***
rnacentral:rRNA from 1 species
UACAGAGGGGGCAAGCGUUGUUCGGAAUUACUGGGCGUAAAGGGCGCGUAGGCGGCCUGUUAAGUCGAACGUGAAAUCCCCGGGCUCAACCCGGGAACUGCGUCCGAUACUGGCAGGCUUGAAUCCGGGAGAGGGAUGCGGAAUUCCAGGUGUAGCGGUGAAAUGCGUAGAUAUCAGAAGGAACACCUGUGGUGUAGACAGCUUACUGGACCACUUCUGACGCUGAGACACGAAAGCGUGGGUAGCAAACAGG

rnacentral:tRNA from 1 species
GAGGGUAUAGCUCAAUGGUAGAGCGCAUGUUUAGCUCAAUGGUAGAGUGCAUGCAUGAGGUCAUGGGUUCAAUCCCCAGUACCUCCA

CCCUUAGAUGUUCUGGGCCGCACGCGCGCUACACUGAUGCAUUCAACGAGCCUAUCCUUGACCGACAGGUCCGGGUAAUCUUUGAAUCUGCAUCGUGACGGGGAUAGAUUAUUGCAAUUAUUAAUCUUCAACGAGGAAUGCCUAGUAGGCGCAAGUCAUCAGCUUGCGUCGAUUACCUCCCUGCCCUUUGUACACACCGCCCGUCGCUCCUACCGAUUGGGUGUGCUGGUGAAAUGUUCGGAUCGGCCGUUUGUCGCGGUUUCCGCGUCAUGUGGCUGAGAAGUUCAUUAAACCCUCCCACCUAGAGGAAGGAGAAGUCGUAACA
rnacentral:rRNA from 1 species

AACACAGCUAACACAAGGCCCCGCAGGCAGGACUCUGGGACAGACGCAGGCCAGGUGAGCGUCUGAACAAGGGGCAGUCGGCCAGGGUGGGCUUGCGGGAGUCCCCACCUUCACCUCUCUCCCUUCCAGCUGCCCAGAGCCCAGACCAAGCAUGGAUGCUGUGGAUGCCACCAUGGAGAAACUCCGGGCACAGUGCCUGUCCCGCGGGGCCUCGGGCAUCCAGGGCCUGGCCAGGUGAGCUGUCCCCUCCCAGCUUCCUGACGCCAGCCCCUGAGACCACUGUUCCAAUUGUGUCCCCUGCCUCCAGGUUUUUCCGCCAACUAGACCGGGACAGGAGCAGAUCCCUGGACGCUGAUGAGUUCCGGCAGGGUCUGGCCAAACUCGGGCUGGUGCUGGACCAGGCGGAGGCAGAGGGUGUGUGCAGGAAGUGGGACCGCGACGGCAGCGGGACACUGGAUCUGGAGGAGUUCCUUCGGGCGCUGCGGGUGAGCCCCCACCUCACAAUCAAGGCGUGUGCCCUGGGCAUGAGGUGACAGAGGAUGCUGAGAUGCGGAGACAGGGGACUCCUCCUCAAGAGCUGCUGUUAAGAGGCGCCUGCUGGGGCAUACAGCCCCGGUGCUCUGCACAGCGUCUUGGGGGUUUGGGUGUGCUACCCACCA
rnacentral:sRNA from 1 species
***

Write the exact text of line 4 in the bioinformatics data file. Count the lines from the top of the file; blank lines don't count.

GAGGGUAUAGCUCAAUGGUAGAGCGCAUGUUUAGCUCAAUGGUAGAGUGCAUGCAUGAGGUCAUGGGUUCAAUCCCCAGUACCUCCA